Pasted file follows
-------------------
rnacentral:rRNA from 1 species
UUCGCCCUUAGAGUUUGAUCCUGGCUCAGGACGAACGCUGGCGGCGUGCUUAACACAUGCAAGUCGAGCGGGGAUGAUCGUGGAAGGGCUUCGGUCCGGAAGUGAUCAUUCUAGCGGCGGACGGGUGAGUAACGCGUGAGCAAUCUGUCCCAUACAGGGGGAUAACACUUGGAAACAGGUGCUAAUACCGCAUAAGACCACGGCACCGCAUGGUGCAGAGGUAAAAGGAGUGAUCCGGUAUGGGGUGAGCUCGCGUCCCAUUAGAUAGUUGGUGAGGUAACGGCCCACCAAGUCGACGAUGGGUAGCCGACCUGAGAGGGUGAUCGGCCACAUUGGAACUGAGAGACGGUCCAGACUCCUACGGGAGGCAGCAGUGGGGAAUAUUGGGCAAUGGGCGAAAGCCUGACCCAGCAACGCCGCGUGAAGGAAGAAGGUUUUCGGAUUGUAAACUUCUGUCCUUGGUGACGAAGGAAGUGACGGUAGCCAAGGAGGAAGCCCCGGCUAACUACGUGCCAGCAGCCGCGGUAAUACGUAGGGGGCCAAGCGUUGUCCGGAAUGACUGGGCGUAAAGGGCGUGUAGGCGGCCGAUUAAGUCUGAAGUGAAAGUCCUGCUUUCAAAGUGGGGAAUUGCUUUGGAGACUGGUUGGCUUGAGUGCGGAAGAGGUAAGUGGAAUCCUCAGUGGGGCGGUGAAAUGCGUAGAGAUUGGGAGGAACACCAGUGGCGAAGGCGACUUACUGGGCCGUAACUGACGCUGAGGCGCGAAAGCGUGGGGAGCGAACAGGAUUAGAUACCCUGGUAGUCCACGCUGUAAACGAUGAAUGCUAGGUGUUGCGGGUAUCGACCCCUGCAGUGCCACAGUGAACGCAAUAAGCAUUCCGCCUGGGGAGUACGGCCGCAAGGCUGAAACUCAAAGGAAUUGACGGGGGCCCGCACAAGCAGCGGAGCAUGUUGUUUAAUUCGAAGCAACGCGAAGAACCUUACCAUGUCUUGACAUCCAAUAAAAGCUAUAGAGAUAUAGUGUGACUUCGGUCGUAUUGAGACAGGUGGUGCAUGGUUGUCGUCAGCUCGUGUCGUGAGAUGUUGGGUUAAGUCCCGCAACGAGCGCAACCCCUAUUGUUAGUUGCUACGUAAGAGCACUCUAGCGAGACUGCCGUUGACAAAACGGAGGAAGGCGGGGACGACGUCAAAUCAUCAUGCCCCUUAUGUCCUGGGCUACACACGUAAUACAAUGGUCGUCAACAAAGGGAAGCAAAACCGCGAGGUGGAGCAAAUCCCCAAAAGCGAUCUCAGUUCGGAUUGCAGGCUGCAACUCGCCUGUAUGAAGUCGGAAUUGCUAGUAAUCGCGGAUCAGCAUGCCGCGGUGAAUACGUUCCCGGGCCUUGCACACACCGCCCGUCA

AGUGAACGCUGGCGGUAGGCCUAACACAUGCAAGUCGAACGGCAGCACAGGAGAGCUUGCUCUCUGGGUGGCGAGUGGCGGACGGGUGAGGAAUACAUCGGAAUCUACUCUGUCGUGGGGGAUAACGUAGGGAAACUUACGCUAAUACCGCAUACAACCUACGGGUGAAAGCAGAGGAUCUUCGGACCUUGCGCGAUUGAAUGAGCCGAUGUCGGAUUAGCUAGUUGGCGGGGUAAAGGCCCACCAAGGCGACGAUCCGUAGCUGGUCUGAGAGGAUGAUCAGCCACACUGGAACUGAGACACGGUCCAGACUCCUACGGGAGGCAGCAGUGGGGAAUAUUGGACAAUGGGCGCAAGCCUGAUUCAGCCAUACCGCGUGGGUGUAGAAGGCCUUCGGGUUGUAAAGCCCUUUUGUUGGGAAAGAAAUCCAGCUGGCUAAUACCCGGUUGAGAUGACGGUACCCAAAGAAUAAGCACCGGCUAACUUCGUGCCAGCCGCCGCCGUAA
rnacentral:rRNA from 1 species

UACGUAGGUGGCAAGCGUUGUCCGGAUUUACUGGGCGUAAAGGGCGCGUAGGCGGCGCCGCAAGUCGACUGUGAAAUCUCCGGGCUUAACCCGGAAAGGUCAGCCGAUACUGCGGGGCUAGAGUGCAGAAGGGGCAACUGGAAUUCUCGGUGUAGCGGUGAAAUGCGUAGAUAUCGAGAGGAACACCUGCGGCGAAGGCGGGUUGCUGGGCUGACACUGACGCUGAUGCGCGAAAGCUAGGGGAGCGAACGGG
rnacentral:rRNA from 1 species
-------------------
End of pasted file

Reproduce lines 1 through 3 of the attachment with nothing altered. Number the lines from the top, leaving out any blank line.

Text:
rnacentral:rRNA from 1 species
UUCGCCCUUAGAGUUUGAUCCUGGCUCAGGACGAACGCUGGCGGCGUGCUUAACACAUGCAAGUCGAGCGGGGAUGAUCGUGGAAGGGCUUCGGUCCGGAAGUGAUCAUUCUAGCGGCGGACGGGUGAGUAACGCGUGAGCAAUCUGUCCCAUACAGGGGGAUAACACUUGGAAACAGGUGCUAAUACCGCAUAAGACCACGGCACCGCAUGGUGCAGAGGUAAAAGGAGUGAUCCGGUAUGGGGUGAGCUCGCGUCCCAUUAGAUAGUUGGUGAGGUAACGGCCCACCAAGUCGACGAUGGGUAGCCGACCUGAGAGGGUGAUCGGCCACAUUGGAACUGAGAGACGGUCCAGACUCCUACGGGAGGCAGCAGUGGGGAAUAUUGGGCAAUGGGCGAAAGCCUGACCCAGCAACGCCGCGUGAAGGAAGAAGGUUUUCGGAUUGUAAACUUCUGUCCUUGGUGACGAAGGAAGUGACGGUAGCCAAGGAGGAAGCCCCGGCUAACUACGUGCCAGCAGCCGCGGUAAUACGUAGGGGGCCAAGCGUUGUCCGGAAUGACUGGGCGUAAAGGGCGUGUAGGCGGCCGAUUAAGUCUGAAGUGAAAGUCCUGCUUUCAAAGUGGGGAAUUGCUUUGGAGACUGGUUGGCUUGAGUGCGGAAGAGGUAAGUGGAAUCCUCAGUGGGGCGGUGAAAUGCGUAGAGAUUGGGAGGAACACCAGUGGCGAAGGCGACUUACUGGGCCGUAACUGACGCUGAGGCGCGAAAGCGUGGGGAGCGAACAGGAUUAGAUACCCUGGUAGUCCACGCUGUAAACGAUGAAUGCUAGGUGUUGCGGGUAUCGACCCCUGCAGUGCCACAGUGAACGCAAUAAGCAUUCCGCCUGGGGAGUACGGCCGCAAGGCUGAAACUCAAAGGAAUUGACGGGGGCCCGCACAAGCAGCGGAGCAUGUUGUUUAAUUCGAAGCAACGCGAAGAACCUUACCAUGUCUUGACAUCCAAUAAAAGCUAUAGAGAUAUAGUGUGACUUCGGUCGUAUUGAGACAGGUGGUGCAUGGUUGUCGUCAGCUCGUGUCGUGAGAUGUUGGGUUAAGUCCCGCAACGAGCGCAACCCCUAUUGUUAGUUGCUACGUAAGAGCACUCUAGCGAGACUGCCGUUGACAAAACGGAGGAAGGCGGGGACGACGUCAAAUCAUCAUGCCCCUUAUGUCCUGGGCUACACACGUAAUACAAUGGUCGUCAACAAAGGGAAGCAAAACCGCGAGGUGGAGCAAAUCCCCAAAAGCGAUCUCAGUUCGGAUUGCAGGCUGCAACUCGCCUGUAUGAAGUCGGAAUUGCUAGUAAUCGCGGAUCAGCAUGCCGCGGUGAAUACGUUCCCGGGCCUUGCACACACCGCCCGUCA

AGUGAACGCUGGCGGUAGGCCUAACACAUGCAAGUCGAACGGCAGCACAGGAGAGCUUGCUCUCUGGGUGGCGAGUGGCGGACGGGUGAGGAAUACAUCGGAAUCUACUCUGUCGUGGGGGAUAACGUAGGGAAACUUACGCUAAUACCGCAUACAACCUACGGGUGAAAGCAGAGGAUCUUCGGACCUUGCGCGAUUGAAUGAGCCGAUGUCGGAUUAGCUAGUUGGCGGGGUAAAGGCCCACCAAGGCGACGAUCCGUAGCUGGUCUGAGAGGAUGAUCAGCCACACUGGAACUGAGACACGGUCCAGACUCCUACGGGAGGCAGCAGUGGGGAAUAUUGGACAAUGGGCGCAAGCCUGAUUCAGCCAUACCGCGUGGGUGUAGAAGGCCUUCGGGUUGUAAAGCCCUUUUGUUGGGAAAGAAAUCCAGCUGGCUAAUACCCGGUUGAGAUGACGGUACCCAAAGAAUAAGCACCGGCUAACUUCGUGCCAGCCGCCGCCGUAA